Here is how it usually goes: You decide you want to start a business. You then find a product idea. Usually your first product fails, but you try again because you really want be successful as an entrepreneur. You keep tweaking your product and your go-to-market strategy. One day you start succeeding. Along the way you develop a vision for your market, your product and your company.

    You should know that starting a new business from scratch is extremely difficult, and you may have to accept changes to your current lifestyle, or use your lifetime savings in the process.

    There is perhaps an easier way to be your own boss: become a franchisee. Much less risky, less exciting too, but a good way if you have truly the desire to be your own boss but not the capacity to invent a new product category.

      • Don’t be fooled by what you want to hear. My advice – have 3 years living without tapping into your 401k to find what you want to do. You can be stepping out to do something good and great, but you lack hustle and it will be hard developing those skills in less than a year. You’re smart, so you will get there. But learn from your boss now as she has a lot more to teach you than you think.

  • Startup co-founder here.

    Firstly, I want to congratulate you on your ambition, your work ethic, your ability to work successfully for a difficult boss, and your inclination to look ahead and consider next steps for your own career.

    Secondly, I would encourage you to start school part-time no matter what you decide as the lack of a degree — as well as the lack of information that will be valuable to you — can close doors and hold an ambitious person back. If time and/or geographic location are a barrier, there are a number of accredited and reputable universities today (like the University of Maryland University College and Penn State’s World Campus, among a multitude of others) that offer the opportunity to earn a bachelor’s degree online.

    As has been pointed out, the need “to get the heck out of there” can translate to either alternative employment or entrepreneurship. And as your current boss has demonstrated with her LLC, employment doesn’t necessarily foreclose entrepreneurship in a noncompeting field.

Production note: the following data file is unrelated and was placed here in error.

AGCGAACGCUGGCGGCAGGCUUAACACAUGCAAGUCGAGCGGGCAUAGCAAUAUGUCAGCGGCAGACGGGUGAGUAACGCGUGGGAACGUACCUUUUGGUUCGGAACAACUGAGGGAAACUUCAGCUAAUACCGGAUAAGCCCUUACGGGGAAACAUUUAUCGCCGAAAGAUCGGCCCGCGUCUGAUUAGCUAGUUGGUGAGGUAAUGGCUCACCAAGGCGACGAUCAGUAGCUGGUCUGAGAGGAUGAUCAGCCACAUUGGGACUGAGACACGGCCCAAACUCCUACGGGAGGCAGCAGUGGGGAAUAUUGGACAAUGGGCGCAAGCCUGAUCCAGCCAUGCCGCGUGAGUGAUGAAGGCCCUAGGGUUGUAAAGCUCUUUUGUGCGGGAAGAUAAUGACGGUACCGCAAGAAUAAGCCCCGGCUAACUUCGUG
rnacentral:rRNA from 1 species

With respect to alternative employment, it seems to me that an individual with your background (12 years working in a small finance company) and inclinations (someone who values stability and job security, who is “happy growing the business” in order to “make more money” and “help more clients,” but who is somewhat uncomfortable with the idea that “taking money from people is the primary goal in the entire company”) may want to consider employment in the credit union industry, where competent and ambitious individuals can advance without equity ownership.

    With respect to entrepreneurship, I love it that what you WANT to do is start your own business! I would strongly encourage you to carefully consider exactly what kind of business you want to start, the market opportunity and likelihood for success, what skills and expertise you’d need in order to make it successful, whether you’d need a co-founder to complement your skills and, if so, who that might be before you cash out your 401(k).

    Best of luck to you!

  • Startup founder here, in the online financial services space. This space is white-hot right now, and frankly we need more very bright people with direct industry expertise, not just tech people. Sounds like you know what you bring to the table… so articulate it, market yourself…and bring it on!

    • Actually, that’s what she should do!!! Work for a startup for 2 years.

      Or, live without her next 6 checks to see how that goes. Pick 6 people in her family and donate her next 6 checks to see if she’s able to live without a check. If she can make it 6 weeks without a paycheck, she can probably make it. But, the key is for her to actually not have the pay checks at all. She’ll have to be willing to part with that money.

    • +1

      Yes – this is exactly my thought – Why not try interviewing for a new job at a financial services startup?

      If you land a startup gig, you’ll get to experience life at an ambitious company with great career advancement potential, and you won’t have to take much risk.

  • You go above and beyond for a company usually because it offers a secure salary. Going above and beyond for yourself for 3 yrs straight with no income in sight and a drastic lifestyle downgrade is insanely tough. I get you’ve been with the same company 12 yrs and are afraid of a new job, but the first month will require some adjusting, and then it’s smooth sailing. How do you have the courage to start a venture, when you don’t have the courage for a new job ? Think about it . Tough questions you gotta ask yourself !

  • You can do both, be a founder and an employee if you work in tech as long as you can code. Get an idea, and work on your start up after working hours. If you find that it is making money, do it full time.

  • Update!

    Jumped ship, got a new job. New industry. New career. Been with the new company since 8/2016. Still not feeling fulfilled. Still feeling like I’m in the rat race spinning on a wheel.

    Think I need out.